The 73rd and 74th Constitutional Amendments in India provided the impetus for women's political participation and leadership in governance. Through the reservation of seats for women members, the Amendments made it mandatory for women to make up one third of all local self governing bodies. In addition, an enabling policy environment was provided for democratic participation in governance through the devolution of powers and the handing over of resources to local self governments.

It is in this context that SSP initiated a capacity building exercise in two rural districts in the state of Maharashtra with over 22,000 elected members. The goal was to create new institutional arrangements and would respond to the needs of women through partnerships with mainstream actors, in this case community - state partnerships.

The learning and convergence approach was grounded in local reality, using local resource persons, local resources and skills. Participation of State officials and planners was an essential ingredient of the process because while women's capacities
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to participate in governance had to be built, it was essential that other key actors
recognise women's capacities and the potential for a mutually beneficial partnership.

We would like to share some important insights on the how women's participation and leadership by an alliance of elected members and women's collectives is changing the face of local governance.

Women are undertaking the following roles in relation to local governance:

Participation: Women are participating in village assemblies or gram sabhas in large numbers,                demanding greater accountability from elected members.
        Monitoring: Women's collectives are monitoring functioning of basic services and 
             infrastructure; education, health and social support programs.
        Community Ownership: Women are mobilizing communities around village development issues. As
               a result of the sense of community ownership, community contributions and tax collections in              areas such as drinking water have increased.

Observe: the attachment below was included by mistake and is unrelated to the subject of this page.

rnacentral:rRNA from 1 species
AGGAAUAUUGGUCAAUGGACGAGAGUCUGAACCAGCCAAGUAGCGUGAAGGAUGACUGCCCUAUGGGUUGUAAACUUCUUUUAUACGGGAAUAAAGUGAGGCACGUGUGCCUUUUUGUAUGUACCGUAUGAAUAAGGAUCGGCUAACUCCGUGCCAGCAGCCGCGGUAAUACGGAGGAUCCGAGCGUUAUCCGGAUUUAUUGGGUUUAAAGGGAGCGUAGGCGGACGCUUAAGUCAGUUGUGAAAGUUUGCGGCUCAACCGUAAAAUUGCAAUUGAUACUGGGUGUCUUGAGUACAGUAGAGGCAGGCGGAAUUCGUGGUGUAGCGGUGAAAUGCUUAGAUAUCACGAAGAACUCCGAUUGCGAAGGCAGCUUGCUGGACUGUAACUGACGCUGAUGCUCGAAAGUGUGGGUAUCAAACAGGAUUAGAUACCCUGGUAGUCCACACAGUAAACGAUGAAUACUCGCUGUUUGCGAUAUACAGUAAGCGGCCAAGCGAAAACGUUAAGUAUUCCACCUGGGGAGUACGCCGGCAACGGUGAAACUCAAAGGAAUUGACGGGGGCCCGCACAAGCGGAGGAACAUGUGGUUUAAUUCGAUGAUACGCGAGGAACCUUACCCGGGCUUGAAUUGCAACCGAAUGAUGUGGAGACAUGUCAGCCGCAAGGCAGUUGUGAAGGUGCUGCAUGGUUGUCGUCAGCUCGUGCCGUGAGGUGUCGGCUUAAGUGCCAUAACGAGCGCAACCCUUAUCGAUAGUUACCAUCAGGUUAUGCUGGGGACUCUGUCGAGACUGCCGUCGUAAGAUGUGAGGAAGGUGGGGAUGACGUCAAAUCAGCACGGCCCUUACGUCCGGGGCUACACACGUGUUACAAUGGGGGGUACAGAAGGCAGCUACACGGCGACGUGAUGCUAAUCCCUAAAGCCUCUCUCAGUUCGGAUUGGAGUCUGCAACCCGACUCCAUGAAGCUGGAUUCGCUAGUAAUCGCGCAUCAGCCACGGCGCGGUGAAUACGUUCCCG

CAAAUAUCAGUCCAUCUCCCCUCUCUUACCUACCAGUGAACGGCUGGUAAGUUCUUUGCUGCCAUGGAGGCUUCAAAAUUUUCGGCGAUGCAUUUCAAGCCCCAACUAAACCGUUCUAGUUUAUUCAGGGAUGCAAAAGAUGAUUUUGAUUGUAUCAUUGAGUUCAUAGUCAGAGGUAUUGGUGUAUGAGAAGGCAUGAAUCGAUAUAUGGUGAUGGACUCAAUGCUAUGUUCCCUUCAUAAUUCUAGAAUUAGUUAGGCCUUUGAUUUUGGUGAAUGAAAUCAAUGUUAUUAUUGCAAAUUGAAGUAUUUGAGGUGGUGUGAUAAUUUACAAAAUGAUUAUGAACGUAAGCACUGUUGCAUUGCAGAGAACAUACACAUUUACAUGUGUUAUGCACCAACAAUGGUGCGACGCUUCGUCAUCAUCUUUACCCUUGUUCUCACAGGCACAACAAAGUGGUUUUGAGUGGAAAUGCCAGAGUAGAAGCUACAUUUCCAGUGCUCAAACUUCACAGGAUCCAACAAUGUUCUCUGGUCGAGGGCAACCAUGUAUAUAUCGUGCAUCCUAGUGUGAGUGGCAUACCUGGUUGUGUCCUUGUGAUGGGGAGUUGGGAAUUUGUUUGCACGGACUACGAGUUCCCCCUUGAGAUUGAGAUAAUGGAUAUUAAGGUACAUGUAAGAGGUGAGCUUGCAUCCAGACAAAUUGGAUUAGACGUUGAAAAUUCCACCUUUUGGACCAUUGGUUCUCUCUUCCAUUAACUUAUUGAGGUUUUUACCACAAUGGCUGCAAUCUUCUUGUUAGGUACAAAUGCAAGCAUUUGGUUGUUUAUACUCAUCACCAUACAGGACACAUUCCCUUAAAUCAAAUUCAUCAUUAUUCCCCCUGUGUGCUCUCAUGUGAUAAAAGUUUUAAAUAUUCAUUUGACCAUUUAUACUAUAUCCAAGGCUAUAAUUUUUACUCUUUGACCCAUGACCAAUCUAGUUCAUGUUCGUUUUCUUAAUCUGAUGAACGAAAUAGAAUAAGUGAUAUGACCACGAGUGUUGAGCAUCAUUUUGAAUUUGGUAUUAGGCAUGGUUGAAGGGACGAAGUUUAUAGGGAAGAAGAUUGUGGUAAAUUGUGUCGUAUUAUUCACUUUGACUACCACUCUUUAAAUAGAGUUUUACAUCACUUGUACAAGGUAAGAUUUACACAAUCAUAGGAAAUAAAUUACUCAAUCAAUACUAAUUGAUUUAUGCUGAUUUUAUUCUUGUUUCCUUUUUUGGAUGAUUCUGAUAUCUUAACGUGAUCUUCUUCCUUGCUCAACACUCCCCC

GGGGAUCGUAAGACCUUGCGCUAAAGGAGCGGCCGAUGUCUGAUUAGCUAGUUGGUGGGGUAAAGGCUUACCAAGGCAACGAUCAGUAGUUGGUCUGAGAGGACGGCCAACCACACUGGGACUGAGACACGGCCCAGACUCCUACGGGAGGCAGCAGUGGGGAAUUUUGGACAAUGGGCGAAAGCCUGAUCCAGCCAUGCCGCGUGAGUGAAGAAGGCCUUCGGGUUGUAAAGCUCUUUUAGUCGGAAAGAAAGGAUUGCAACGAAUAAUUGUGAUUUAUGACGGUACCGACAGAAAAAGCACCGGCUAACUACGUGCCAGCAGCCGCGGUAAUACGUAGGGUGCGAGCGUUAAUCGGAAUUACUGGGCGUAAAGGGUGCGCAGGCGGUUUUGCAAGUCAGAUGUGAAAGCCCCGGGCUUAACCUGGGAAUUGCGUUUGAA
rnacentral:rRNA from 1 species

Feedback and Consultation: Women and elected members participate in dialogue platforms at              block and district levels to give feedback to local officials.
        Information and networking Through information dissemination and networking women's              collectives ensure that local communities are well informed on entitlements and resources for              development.

The essential elements of this strategy on en-gendering governance are:

        Community concerns of the poor, such as credit, housing, health and education affect women               acutely and must therefore be seen as gender issues.
        Women's concerns are acknowledged when a critical mass of women are able to articulate
             their priorities within an institutional framework.
        Alliance building between women in local/national government and grassroots women's collectives
          is crucial to the transformation of governance agendas to include women's concerns.

Women's intervention in planning and decision-making can become the basis of community state partnerships. For this institutional actors need to be educated on how grassroots women and communities can participate in development .

Similarly women's capacities to access resources, to undertake gender and community audits and to design community alternatives need to be built.

Capacity building of grassroots women in local governance means -
       Participation in civic fora,
       Access and control over resources,
       Planning and management of services.

Thus, there are two main challenges to promoting women's political participation. The first has to do with overcoming barriers that restrict women's participation in the existing planning apparatus. The other involves building women's capacities to ensure that they add value to planning and development processes.

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